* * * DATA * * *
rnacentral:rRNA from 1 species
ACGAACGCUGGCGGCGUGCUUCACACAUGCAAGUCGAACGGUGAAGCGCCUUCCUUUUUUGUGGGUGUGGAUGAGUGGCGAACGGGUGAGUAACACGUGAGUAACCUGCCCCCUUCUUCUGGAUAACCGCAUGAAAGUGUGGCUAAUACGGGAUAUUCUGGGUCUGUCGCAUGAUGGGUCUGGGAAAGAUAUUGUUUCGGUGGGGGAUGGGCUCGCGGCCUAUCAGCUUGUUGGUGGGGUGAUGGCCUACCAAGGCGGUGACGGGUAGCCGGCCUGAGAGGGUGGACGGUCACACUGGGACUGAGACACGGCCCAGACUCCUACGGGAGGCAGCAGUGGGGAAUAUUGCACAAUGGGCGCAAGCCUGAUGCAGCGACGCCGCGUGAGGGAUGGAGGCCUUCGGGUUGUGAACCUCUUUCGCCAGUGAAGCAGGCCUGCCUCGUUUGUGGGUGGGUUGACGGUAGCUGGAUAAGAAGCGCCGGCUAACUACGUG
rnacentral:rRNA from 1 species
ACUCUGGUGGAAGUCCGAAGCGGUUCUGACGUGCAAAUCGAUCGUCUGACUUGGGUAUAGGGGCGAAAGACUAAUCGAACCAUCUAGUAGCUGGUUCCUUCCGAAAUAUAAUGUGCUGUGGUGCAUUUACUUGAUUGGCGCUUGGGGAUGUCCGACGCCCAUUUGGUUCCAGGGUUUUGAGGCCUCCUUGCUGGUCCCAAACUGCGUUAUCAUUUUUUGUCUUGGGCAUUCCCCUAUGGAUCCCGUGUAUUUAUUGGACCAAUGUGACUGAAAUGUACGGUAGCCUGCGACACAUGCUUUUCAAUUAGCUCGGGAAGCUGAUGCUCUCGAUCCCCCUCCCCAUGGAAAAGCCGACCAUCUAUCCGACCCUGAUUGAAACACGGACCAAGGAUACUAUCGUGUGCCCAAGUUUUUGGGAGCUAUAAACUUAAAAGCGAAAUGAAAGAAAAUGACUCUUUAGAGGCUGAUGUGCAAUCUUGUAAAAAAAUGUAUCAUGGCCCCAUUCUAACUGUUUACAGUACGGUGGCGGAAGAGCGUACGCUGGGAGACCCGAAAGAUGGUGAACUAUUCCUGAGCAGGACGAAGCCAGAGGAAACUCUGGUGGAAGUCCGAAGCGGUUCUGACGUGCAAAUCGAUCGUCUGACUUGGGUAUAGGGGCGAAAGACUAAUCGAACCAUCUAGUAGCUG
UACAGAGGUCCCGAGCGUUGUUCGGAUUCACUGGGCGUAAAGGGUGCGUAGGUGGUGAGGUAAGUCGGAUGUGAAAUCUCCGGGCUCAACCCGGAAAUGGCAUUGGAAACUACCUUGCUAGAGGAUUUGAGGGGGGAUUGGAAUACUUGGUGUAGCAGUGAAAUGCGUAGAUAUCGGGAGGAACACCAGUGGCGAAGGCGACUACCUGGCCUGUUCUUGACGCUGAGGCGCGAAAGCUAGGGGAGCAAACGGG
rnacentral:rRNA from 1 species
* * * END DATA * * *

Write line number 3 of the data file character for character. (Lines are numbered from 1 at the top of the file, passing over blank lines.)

rnacentral:rRNA from 1 species